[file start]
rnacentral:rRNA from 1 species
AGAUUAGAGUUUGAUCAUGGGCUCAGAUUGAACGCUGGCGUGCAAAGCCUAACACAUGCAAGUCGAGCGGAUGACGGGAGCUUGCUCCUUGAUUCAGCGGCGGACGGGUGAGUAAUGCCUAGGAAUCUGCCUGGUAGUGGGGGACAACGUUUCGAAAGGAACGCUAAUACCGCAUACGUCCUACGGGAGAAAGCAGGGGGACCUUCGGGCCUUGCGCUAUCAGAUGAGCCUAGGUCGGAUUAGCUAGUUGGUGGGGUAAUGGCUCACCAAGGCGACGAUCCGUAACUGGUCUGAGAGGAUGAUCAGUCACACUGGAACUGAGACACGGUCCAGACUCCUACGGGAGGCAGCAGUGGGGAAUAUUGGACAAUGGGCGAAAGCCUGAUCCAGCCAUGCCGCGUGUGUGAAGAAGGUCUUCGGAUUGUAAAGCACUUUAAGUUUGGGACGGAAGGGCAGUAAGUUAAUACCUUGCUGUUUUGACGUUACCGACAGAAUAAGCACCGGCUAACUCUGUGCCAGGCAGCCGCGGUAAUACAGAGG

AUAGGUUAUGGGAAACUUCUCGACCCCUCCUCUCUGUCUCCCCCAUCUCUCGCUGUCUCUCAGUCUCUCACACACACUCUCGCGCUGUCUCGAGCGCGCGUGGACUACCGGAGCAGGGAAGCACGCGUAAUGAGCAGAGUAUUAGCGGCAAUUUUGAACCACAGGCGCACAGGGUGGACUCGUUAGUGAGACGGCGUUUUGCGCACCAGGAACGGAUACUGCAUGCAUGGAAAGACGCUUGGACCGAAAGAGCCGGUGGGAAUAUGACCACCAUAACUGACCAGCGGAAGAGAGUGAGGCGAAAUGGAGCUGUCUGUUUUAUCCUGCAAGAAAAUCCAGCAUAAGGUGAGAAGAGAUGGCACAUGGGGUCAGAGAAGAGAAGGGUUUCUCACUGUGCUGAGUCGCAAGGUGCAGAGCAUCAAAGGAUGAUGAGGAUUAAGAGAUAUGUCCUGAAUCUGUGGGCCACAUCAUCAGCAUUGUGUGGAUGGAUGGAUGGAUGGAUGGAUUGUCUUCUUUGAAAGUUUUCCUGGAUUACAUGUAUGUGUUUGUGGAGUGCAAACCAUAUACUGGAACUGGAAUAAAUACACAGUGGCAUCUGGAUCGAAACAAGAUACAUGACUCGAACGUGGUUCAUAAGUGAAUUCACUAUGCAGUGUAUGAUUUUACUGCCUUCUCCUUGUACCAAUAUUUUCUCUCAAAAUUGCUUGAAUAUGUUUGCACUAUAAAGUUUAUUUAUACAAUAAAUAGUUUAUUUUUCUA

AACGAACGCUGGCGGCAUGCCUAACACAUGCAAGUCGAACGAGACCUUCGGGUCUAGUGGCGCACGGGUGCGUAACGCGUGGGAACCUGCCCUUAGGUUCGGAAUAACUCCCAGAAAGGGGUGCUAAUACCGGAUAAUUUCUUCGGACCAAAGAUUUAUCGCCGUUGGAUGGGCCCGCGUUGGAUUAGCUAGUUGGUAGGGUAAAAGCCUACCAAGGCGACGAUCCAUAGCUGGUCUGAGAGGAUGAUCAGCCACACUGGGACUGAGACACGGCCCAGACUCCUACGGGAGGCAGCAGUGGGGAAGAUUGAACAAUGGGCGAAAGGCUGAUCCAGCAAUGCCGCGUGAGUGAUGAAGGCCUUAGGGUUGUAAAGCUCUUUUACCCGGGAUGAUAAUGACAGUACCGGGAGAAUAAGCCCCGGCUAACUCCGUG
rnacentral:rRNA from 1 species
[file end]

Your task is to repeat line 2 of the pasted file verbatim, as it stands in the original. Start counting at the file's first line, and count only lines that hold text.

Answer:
AGAUUAGAGUUUGAUCAUGGGCUCAGAUUGAACGCUGGCGUGCAAAGCCUAACACAUGCAAGUCGAGCGGAUGACGGGAGCUUGCUCCUUGAUUCAGCGGCGGACGGGUGAGUAAUGCCUAGGAAUCUGCCUGGUAGUGGGGGACAACGUUUCGAAAGGAACGCUAAUACCGCAUACGUCCUACGGGAGAAAGCAGGGGGACCUUCGGGCCUUGCGCUAUCAGAUGAGCCUAGGUCGGAUUAGCUAGUUGGUGGGGUAAUGGCUCACCAAGGCGACGAUCCGUAACUGGUCUGAGAGGAUGAUCAGUCACACUGGAACUGAGACACGGUCCAGACUCCUACGGGAGGCAGCAGUGGGGAAUAUUGGACAAUGGGCGAAAGCCUGAUCCAGCCAUGCCGCGUGUGUGAAGAAGGUCUUCGGAUUGUAAAGCACUUUAAGUUUGGGACGGAAGGGCAGUAAGUUAAUACCUUGCUGUUUUGACGUUACCGACAGAAUAAGCACCGGCUAACUCUGUGCCAGGCAGCCGCGGUAAUACAGAGG